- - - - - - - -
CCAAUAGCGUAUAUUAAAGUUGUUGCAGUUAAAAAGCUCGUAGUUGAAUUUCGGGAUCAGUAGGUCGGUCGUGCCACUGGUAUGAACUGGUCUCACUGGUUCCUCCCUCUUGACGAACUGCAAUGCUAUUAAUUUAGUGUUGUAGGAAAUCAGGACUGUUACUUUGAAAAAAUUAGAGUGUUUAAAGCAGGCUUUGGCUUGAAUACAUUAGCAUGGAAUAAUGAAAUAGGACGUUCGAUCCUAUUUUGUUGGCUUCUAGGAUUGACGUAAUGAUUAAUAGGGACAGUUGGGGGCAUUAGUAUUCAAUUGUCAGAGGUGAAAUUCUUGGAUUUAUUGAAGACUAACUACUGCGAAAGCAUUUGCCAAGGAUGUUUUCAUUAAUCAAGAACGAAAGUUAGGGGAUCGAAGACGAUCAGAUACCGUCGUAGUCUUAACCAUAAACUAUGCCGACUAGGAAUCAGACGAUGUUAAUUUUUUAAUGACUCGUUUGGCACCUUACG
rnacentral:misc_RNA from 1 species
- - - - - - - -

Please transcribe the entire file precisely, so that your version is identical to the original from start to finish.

CCAAUAGCGUAUAUUAAAGUUGUUGCAGUUAAAAAGCUCGUAGUUGAAUUUCGGGAUCAGUAGGUCGGUCGUGCCACUGGUAUGAACUGGUCUCACUGGUUCCUCCCUCUUGACGAACUGCAAUGCUAUUAAUUUAGUGUUGUAGGAAAUCAGGACUGUUACUUUGAAAAAAUUAGAGUGUUUAAAGCAGGCUUUGGCUUGAAUACAUUAGCAUGGAAUAAUGAAAUAGGACGUUCGAUCCUAUUUUGUUGGCUUCUAGGAUUGACGUAAUGAUUAAUAGGGACAGUUGGGGGCAUUAGUAUUCAAUUGUCAGAGGUGAAAUUCUUGGAUUUAUUGAAGACUAACUACUGCGAAAGCAUUUGCCAAGGAUGUUUUCAUUAAUCAAGAACGAAAGUUAGGGGAUCGAAGACGAUCAGAUACCGUCGUAGUCUUAACCAUAAACUAUGCCGACUAGGAAUCAGACGAUGUUAAUUUUUUAAUGACUCGUUUGGCACCUUACG
rnacentral:misc_RNA from 1 species